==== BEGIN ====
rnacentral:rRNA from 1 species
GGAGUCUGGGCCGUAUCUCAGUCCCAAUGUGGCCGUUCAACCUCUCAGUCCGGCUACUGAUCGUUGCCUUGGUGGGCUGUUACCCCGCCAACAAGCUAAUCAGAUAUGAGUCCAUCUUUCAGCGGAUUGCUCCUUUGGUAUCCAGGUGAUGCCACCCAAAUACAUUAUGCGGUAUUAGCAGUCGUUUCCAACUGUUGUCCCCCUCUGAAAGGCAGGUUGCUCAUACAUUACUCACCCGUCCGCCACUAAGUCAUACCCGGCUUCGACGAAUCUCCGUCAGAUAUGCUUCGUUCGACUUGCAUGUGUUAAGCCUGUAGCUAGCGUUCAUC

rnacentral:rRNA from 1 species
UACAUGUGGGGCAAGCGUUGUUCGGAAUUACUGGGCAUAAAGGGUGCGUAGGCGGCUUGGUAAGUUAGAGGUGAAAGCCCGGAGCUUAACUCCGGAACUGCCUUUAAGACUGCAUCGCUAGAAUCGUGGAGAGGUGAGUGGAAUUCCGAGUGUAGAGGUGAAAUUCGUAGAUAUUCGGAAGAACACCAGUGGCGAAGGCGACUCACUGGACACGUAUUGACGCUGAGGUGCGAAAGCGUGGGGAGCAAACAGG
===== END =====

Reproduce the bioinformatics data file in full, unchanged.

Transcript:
rnacentral:rRNA from 1 species
GGAGUCUGGGCCGUAUCUCAGUCCCAAUGUGGCCGUUCAACCUCUCAGUCCGGCUACUGAUCGUUGCCUUGGUGGGCUGUUACCCCGCCAACAAGCUAAUCAGAUAUGAGUCCAUCUUUCAGCGGAUUGCUCCUUUGGUAUCCAGGUGAUGCCACCCAAAUACAUUAUGCGGUAUUAGCAGUCGUUUCCAACUGUUGUCCCCCUCUGAAAGGCAGGUUGCUCAUACAUUACUCACCCGUCCGCCACUAAGUCAUACCCGGCUUCGACGAAUCUCCGUCAGAUAUGCUUCGUUCGACUUGCAUGUGUUAAGCCUGUAGCUAGCGUUCAUC

rnacentral:rRNA from 1 species
UACAUGUGGGGCAAGCGUUGUUCGGAAUUACUGGGCAUAAAGGGUGCGUAGGCGGCUUGGUAAGUUAGAGGUGAAAGCCCGGAGCUUAACUCCGGAACUGCCUUUAAGACUGCAUCGCUAGAAUCGUGGAGAGGUGAGUGGAAUUCCGAGUGUAGAGGUGAAAUUCGUAGAUAUUCGGAAGAACACCAGUGGCGAAGGCGACUCACUGGACACGUAUUGACGCUGAGGUGCGAAAGCGUGGGGAGCAAACAGG